EPA Evaluates Pennsylvania’s Water Plan
Pennsylvania’s draft plan to meet the federal,
science-based, pollution-reduction goals
provides updates on progress but does not
provide clear next steps and reasonable
assurance that state goals will be met, as
summarized by EPA. CBF concurs with EPA.
One critical shortcoming is the lack of specific information regarding the expectations
of counties to plan for and facilitate pollution reductions.
One of EPA’s central goals of this “Phase II”
plan was to avoid repeating the mistakes of the
past by making the effort more localized and,
therefore, more relevant. Pennsylvania’s plan
does not adequately do that.
Despite the shortcomings, the draft does
outline plans for increasing agricultural compliance, commitment to the Conservation
Districts (county groups that develop and
implement programs that promote the stewardship of natural resources), and stormwater training for local communities.
CBF encourages the Department of
Environmental Protection to continue to
revise the draft, and submit to EPA a final
plan that provides communities with the
needed information, tools, and guidance to
achieve Pennsylvania’s pollution limits.
CBF encourages Pennsylvania
to address feedback in the
revised plan to meet
Marcellus Shale Drilling Bill
CBF has been working both federally and in
Pennsylvania to safeguard our natural resources
from the threats of natural gas drilling.
Pennsylvania—which unlike Maryland and
Virginia is in legislative session year
round—recently passed the first update to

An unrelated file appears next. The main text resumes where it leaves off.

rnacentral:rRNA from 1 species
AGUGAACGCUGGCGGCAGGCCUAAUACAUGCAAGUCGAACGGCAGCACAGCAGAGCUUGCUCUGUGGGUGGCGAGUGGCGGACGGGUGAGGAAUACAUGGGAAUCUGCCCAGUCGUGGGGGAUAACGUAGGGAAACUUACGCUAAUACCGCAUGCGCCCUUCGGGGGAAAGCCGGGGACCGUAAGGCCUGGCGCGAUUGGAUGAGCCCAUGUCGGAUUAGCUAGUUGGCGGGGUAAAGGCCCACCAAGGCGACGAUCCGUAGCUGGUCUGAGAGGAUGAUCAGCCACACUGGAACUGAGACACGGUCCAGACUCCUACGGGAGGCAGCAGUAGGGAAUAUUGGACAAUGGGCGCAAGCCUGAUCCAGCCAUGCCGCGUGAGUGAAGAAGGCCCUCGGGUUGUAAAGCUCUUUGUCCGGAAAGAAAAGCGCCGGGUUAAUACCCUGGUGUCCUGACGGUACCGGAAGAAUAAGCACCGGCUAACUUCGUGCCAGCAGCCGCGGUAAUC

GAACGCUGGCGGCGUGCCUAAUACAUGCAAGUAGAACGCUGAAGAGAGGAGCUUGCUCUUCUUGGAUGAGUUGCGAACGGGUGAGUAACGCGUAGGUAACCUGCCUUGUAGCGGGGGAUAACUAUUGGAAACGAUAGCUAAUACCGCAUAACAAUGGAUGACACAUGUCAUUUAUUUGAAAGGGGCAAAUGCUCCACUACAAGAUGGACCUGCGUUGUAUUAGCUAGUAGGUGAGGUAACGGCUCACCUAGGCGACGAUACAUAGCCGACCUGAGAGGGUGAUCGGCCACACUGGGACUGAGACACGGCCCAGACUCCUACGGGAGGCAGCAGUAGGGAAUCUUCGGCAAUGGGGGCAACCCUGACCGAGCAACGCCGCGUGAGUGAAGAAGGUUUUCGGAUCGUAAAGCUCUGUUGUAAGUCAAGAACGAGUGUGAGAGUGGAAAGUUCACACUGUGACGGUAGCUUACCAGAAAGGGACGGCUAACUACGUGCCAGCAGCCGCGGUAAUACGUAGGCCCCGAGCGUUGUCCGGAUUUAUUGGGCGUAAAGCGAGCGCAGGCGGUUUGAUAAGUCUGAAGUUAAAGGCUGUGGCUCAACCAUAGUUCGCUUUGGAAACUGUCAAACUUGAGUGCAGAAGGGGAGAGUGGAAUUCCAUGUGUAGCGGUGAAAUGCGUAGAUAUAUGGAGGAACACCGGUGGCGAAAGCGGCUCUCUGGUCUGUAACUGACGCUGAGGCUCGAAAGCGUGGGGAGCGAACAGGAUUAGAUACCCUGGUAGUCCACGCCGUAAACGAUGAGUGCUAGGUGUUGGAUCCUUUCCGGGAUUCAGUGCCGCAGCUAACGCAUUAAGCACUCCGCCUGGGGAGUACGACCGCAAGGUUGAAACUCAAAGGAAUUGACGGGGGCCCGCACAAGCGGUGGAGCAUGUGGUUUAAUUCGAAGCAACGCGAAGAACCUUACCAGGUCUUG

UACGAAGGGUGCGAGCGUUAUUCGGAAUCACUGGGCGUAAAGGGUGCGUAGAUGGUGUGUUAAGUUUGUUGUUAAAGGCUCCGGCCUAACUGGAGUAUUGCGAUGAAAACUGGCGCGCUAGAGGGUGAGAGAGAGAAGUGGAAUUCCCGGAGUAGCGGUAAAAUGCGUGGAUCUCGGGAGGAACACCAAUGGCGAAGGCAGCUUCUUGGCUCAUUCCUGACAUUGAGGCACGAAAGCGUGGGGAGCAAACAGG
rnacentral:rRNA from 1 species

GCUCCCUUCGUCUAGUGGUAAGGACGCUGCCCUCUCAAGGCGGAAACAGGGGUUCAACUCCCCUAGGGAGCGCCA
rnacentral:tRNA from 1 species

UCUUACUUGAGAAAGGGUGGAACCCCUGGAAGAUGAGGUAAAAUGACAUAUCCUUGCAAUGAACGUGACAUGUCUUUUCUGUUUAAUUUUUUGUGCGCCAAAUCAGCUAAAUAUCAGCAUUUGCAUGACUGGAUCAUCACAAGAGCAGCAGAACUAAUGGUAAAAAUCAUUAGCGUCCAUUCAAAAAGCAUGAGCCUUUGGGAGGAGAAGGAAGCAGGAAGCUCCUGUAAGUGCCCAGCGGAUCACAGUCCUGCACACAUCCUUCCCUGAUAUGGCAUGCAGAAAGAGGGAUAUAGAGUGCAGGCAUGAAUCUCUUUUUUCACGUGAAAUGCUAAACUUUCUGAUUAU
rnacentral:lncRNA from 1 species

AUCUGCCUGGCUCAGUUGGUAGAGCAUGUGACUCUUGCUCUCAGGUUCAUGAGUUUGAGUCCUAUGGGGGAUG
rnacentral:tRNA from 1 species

the state’s existing Oil & Gas Act in nearly
40 years. While not perfect, the environmental provisions in the legislation provide
improved protections for Pennsylvania’s
rivers and streams.
Additionally, the bill ensures the long-term financial stability of Pennsylvania’s
Environmental Stewardship and Growing
Greener Programs and enables the state to
see revenue directly from the drilling industry through an impact fee. This revenue will
provide critical funding for water and wastewater infrastructure upgrades, which will
directly improve water quality and help
Pennsylvania meet federal pollution-limit
requirements. CBF will continue to advocate
© 2010 NEIL EVER OSBORNE/ILCP
CBF will continue to press for increased protec-
tions for waterways like Pine Creek, shown above.
for additional environmental protection and
an increased impact fee.
An Exciting Summer for Teachers
Now in its ninth year, CBF’s Chesapeake
Classrooms offers a different approach to professional development by providing a menu of
options for teachers to choose from, including
both in-class and in-field experiences.
CBF’s education staff offer five-day accredited
summer immersion courses that provide
hands-on experiences for teachers to make the
connection between local waters and the Bay.
This summer, CBF will offer three exciting
program options in Pennsylvania:
•“The Susquehanna to the Bay” takes
teachers on an exploration of the ecology
and history of the Lower Susquehanna
Watershed and of the heart of the
Chesapeake on Smith Island.
© 2010 MIGUEL ANGEL DE LA CUEVA/ILCP
•“Susquehanna Confluence” will study the
Susquehanna River’s ecological importance, restoration efforts, and rich cultural
history, in and around the Lewisburg area.
Pennsylvania must develop a comprehensive plan to improve and protect statewide water quality—
•Rounding out the summer, “Studying
Change: the Susquehanna River” explores
in-depth the watersheds and water-quality
issues in and around Central Pennsylvania.
uIf you or someone you know would like to participate in one of CBF’s professional development
programs in Pennsylvania, contact our office at
717/234-5550 or Tom Parke at email@example.com.